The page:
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The "Workshop" they talk about, is very obviously the ‘Connecting Shed’ as virtually all the eyewitnesses refer to it as a "large workshop" and they all refer to the tunnel being at "the end of it".

On page 210 (C.D.Colson) is found another clue in that the entrance was about 8 ft high and 10 ft wide, and the anomalies shown on the 1930 photo (below) look like what might be door hangers on sliding doors.


Comparing the size of the door on the Chippies Shop… A standard door is around 6 ft 6 inches and the window tops in this image (below) are maybe a foot higher(?) and if you carry this line around to the anomalies... allow for the door hangers...then you have your 8 ft high doors...and remember he was only going from an estimation - and his memory… although Desmond Harrop’s memory(page 172) put it at 15 ft high by 20 ft wide, in other words, a bigger than normal entrance!

C.D.Colson says they were double grill doors. Other reports refer to the doors being double iron gates, and this is what I can envisage he means as “grill doors”. Note also the rather worn looking track going towards the cliff face and the angle of it looks too close to the shed to provide a rail wagon the correct radius for a left turn into the shed. This of course could just be an optical illusion and this is presuming that the worn track is a rail line, but if it isn't, then why would it join up with the track coming in from the Jetty? The most logical place for a railway line to go into a tunnel would be straight ahead into the cliff.

There was a small room attached alongside the shed, and that would mean the railway line would have had to go through that… it doesn’t make sense… unless of course that they no longer needed to use the railway line to go into the workshop at that time. This extension was there in 1910, not there in 1940 (according to the photos), but was there in 1948, along with another shed that protruded almost right over to the Chippies Shop (shown in the photo below), so this could indicate that this railway line was not needed for a period sometime after 1940. There are two eyewitness accounts of the rail tracks going into the tunnel after those dates (page 83- 1954-62, and page 188- 1967), so it appears the tracks were at least still there. It would have been interesting to know if they were still in use when these witnesses saw them… but as the army left in 1958, I guess there was no more need to use them?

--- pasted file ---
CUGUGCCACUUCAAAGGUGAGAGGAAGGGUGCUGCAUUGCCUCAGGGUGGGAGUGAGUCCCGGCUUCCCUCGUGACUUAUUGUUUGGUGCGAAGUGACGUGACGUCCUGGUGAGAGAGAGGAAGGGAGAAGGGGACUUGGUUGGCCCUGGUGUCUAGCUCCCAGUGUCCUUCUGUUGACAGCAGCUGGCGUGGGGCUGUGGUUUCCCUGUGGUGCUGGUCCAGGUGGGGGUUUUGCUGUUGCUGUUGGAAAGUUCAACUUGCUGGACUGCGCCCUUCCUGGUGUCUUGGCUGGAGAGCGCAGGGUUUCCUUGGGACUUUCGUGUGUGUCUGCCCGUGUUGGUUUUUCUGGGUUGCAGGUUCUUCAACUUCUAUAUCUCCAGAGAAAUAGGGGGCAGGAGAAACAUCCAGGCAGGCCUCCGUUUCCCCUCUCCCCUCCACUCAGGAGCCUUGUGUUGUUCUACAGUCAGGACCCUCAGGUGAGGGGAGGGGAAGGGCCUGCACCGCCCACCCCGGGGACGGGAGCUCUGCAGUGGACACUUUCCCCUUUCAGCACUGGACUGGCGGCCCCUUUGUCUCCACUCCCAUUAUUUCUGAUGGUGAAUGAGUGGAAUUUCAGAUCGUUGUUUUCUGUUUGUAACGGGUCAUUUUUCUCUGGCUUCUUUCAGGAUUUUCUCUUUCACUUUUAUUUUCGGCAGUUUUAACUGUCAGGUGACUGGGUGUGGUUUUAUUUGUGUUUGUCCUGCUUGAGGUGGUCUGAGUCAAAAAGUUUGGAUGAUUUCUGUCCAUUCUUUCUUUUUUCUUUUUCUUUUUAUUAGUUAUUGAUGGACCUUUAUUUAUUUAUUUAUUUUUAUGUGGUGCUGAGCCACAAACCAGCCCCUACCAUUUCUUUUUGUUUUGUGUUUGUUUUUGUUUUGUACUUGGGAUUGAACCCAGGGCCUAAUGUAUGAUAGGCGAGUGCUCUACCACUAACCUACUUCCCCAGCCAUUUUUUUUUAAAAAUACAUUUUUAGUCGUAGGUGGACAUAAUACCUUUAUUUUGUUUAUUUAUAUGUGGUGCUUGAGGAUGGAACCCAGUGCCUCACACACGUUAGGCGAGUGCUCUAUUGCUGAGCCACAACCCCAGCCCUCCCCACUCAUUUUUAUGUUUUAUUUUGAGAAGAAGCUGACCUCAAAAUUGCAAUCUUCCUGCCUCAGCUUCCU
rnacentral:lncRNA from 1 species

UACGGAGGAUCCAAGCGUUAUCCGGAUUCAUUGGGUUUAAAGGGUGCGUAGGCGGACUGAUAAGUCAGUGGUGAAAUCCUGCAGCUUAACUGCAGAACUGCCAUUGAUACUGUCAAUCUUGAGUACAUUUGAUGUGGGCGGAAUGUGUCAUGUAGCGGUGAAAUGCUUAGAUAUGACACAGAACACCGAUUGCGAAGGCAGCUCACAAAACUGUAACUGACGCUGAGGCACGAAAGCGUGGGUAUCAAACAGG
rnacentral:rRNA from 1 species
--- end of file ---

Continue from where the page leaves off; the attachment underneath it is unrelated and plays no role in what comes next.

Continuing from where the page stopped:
In the photo below (taken 27 Jan 1948), you can just see the outer edge of this extension (?) to the Workshop (or is it the tunnel?).

I originally though it may have been part of the tunnel, but cannot guarantee it. This shows the benefit of having plenty of photos to compare things to! The anomaly just to the upper right of the edge of this extension on the cliff face is interesting though….

NH Page 16

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